The focus of Hudson River Waterfront Corridor study is the housing market for the waterfront and off~waterfront portions of the corridor. The study uses several basic data sources. These include the U.S. Censuses for 1990 and 1980, demographic and other data provided by the Port Authority of New York and New Jersey, and surveys of housing and planning experts representing each of the corridor's nine municipalities. Other sources include interviews with waterfront developers and property managers, and surveys of waterfront residents and employees.
Included in the analysis are:

· A review of national and regional economic and demographic trends affecting the Waterfront Corridor;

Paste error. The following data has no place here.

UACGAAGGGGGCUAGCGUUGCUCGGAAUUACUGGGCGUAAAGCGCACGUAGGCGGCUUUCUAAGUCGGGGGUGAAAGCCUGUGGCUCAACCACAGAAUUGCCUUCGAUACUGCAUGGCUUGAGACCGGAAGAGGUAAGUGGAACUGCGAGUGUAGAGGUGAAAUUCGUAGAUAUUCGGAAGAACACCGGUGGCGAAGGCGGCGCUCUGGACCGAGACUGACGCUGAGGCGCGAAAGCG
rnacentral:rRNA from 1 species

· An examination of the factors shaping the geographic scope of the housing region;
· A review of demographic and housing trends within the municipalities and the six Jersey City wards of the corridor;
· Socioeconomic profiles of waterfront residents;
· An inventory of waterfront development;
· An assessment of the waterfront and off-waterfront housing
· A discussion of the corridor's potential for future development and of issues relating to affordable housing and housing price change.

The study also provides: 1) an introduction to housing market models; 2) a detailed description of the structure, data requirements, and assumptions of the Hudson River Waterfront housing model; and 3) a user's guide to the model. Finally, it presents three alternate growth scenarios for the corridor's twenty-year development future using the housing model.



Publication Type: Policy Report
Publication Year: 1991
Author(s):
ISBN: N/A
Price: $60.00